KFH-Research issued a report stating that Kuwait has achieved a budget surplus of KD 17.2 billion ($60.3 billion) during first 10 months of current fiscal year from April-January 2013, with a 20 percent increase compared to same period last year. It added that Kuwait is expected to achieve budget surplus for the 15th consecutive year and is expected to reach KD 15.9 billion with 20 percent increase. This is due to the expected increase in governmental expenditure during last period of fiscal year 2012-2013.
Governmental expenditure reached KD 9.8 billion as in January 2013, which is KD 1.6 billion higher than last month, where expenditure regained its strength as the fiscal year ended. This occurred during the past years.
Kuwait registered a budget surplus of KD 17.2bln for the first ten months (April 2012 — January 2013) of the current fiscal year ending March 2013 (FY2012/2013), almost 20 percent y-o-y higher than the KD 14.4bln surplus recorded at the end of the same period of FY2011/2012, according to data from the Ministry of Finance. The increase is attributed mainly to higher revenue, which is 95 percent derived from oil proceeds while expenditure remained at almost the same level as it was a year ago.
Government revenue stood at KD 27.0bln for the first 10 months of FY2012/13, which was 11.7 percent higher than the corresponding period in FY2011/12 driven by oil revenue, which rose by 12.0 percent y-o-y to KD 25.6bln for the April 2012 — January 2013 period despite average oil prices (Kuwait Export Crude) declining by 1.1 percent over the same period. However, higher oil production which increased by 8.7 percent y-o-y for the first 10 months of FY2012/13 contributed the surge in oil revenue. Non-oil revenues were also up by 6.8 percent y-o-y surpassing the budgeted amount for the period by KD 0.4bln, on the back of higher miscellaneous revenues and fees. At KD 27.0bln, the 10-month revenue for FY2012/13 came in line our expectations as it accounted for 83 percent of our full year forecast of KD 32.4bln for FY2012/13.
Kuwait traditionally underestimates its oil price assumption and set it at just USD65.0pb for the FY 2012/2013 budget plan, resulting in a revenue projection that is normally lower than actual figures. Oil prices (Kuwait Export Crude) have thus far averaged at USD107.20pb from April 2012 to 26th March 2013 contributing to the much higher revenue than government projections.
Government expenditure registered KD 9.8bln as at January 2013, KD 1.6bln higher than the previous month as spending picked up towards the end of the fiscal year, as was normally the case in previous years. However, it still fell short of the budget target for the period by KD 7.9bln and still marginally lower (-0.1 percent y-o-y) than the previous fiscal year due to lower capital spending amidst delays in approvals and implementation of capital projects. The increased government expenditure in January 2013 was driven by accelerated current expenditure, of which wages & salaries and goods & services rose by some 17 percent y-o-y and 33 percent respectively in January 2013.
With just two months remaining for FY2012/13 and only less than 50 percent of the budgeted expenditure spent, we expect government expenditure to accelerate further towards the end of the fiscal year. We expect government expenditure to register an average monthly figure of KD 3.3bln for the remaining two months (February 2013-March 2013) of FY2012/13, amounting to KD 16.5bln for the whole of FY2012/13. However, we highlight that our FY2012/13 forecast for government expenditure will still be lower than the previous fiscal year's spending by 3.0 percent and the budget target by 22.2 percent.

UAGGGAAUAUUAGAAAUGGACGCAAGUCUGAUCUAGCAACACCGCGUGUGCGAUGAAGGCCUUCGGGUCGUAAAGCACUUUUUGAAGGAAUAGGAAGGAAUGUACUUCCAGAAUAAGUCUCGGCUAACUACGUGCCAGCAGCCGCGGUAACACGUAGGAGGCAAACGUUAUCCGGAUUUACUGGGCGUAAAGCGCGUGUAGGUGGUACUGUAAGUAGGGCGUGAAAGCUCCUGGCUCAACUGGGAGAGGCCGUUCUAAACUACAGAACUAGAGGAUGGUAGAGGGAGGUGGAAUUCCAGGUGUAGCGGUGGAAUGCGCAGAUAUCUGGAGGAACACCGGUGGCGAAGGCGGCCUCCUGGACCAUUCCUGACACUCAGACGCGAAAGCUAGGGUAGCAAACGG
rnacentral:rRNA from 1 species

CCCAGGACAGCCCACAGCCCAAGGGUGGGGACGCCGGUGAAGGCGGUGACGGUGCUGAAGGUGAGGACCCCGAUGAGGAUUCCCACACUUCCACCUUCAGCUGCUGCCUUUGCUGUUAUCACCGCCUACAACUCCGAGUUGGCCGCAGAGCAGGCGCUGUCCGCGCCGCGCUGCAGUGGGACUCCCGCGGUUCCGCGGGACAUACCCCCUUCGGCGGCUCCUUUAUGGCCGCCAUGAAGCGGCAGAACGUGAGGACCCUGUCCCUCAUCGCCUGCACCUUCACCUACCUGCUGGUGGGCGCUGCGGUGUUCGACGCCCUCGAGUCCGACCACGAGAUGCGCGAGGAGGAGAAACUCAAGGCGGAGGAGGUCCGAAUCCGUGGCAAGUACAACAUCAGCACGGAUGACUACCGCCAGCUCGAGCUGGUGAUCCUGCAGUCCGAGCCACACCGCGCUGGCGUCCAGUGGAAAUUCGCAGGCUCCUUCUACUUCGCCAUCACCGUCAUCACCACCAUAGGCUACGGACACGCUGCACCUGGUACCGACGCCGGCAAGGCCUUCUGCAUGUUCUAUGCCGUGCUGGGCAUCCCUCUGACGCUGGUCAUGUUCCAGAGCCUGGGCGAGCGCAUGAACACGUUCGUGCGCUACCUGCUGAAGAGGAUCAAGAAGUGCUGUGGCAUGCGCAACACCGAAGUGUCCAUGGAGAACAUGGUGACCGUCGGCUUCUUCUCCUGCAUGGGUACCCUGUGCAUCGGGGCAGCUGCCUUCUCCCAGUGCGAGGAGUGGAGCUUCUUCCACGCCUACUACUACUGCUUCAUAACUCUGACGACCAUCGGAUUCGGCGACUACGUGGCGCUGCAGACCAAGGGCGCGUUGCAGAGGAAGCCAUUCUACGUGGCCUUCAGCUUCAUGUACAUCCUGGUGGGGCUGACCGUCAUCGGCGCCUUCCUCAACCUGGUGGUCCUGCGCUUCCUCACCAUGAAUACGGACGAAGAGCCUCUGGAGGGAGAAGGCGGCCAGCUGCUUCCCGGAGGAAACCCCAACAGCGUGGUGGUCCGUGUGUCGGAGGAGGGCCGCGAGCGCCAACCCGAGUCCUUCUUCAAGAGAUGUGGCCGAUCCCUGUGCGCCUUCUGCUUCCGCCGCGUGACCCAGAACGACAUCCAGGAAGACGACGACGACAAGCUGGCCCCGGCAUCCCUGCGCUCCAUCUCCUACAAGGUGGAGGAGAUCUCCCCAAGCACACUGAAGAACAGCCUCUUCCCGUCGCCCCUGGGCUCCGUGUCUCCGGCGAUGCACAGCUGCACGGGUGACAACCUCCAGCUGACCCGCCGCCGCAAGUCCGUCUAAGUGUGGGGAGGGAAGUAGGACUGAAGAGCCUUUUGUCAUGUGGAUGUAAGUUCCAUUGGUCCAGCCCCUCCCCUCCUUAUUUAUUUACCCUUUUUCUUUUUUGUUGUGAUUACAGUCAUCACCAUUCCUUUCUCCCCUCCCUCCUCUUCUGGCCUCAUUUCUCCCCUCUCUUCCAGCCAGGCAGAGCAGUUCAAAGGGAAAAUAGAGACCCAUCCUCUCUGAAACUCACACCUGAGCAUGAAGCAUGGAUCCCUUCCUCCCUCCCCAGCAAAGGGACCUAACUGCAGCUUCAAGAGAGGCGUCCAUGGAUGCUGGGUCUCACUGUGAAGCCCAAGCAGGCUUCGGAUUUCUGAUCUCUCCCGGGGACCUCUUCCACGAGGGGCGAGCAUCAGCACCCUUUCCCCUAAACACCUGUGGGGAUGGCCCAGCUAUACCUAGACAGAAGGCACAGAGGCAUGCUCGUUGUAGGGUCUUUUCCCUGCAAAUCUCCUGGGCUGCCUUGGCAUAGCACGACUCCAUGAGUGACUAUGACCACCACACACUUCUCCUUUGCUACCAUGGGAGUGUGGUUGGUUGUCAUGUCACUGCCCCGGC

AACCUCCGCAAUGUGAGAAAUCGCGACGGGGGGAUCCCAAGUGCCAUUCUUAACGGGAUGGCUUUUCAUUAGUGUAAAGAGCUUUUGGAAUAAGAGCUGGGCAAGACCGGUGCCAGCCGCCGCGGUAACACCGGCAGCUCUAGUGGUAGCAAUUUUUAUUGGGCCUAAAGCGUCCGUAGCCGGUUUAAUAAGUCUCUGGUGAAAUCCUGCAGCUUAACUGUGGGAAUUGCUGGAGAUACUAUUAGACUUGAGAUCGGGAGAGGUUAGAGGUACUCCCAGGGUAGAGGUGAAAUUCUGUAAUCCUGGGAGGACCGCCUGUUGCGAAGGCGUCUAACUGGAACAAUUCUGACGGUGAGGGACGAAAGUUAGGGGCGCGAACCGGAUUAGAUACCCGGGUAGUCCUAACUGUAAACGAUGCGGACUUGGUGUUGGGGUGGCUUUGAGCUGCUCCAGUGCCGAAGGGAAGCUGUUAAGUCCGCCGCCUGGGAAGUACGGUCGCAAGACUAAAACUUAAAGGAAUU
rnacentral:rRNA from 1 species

We reiterate our forecast for Kuwait to register yet another record year of budget surplus of KD 15.9bln for FY2012/13, which is higher by 20.0 percent y-o-y compared to FY2011/12, supported by higher revenues and lower expenditure. As such, Kuwait is on track to register the 15th consecutive year of budget surplus. Revenue is expected to increase by 7.2 percent y-o-y to KD 32.4bln in FY2012/13 amidst increased oil production while expenditures are estimated to be slightly lower by 3.0 percent y-o-y at KD 16.5bln for FY2012/13 due to delays in spending and implementation of capital projects.
We expect fiscal policy to remain expansionary in the medium term. Capital expenditure growth is likely to remain modest in the near-term as the government has a track record of failing to dispense its budget in full as political disagreements within the parliament often constrained and delayed spending, particularly on capital projects. However, current expenditure is expected to increase steadily as the government wage bill is anticipated to rise on the back of a fast expanding public sector employment.. However, current expenditure will not be too burdensome for Kuwait's fiscal position as long as oil prices remain high.
The government is increasing the proportion of revenue it allocates to the Reserve Fund for Future Generations (RFGG) in FY 2012/2013, from 10.0 percent to 25.0 percent. Although this revenue would normally have gone to the General Reserve Fund, which is also managed by the Kuwait Investment Authority (KIA) and covers all budgetary expenditure, it is more difficult to access from the RFGG. The move follows warnings from the International Monetary Fund (IMF) that Kuwait could struggle to preserve its oil wealth for future generations if it does not exercise fiscal consolidation. Although the higher allocation to the RFGG addresses one aspect of such concerns, it will not be implemented in conjunction with a reduction in current expenditure.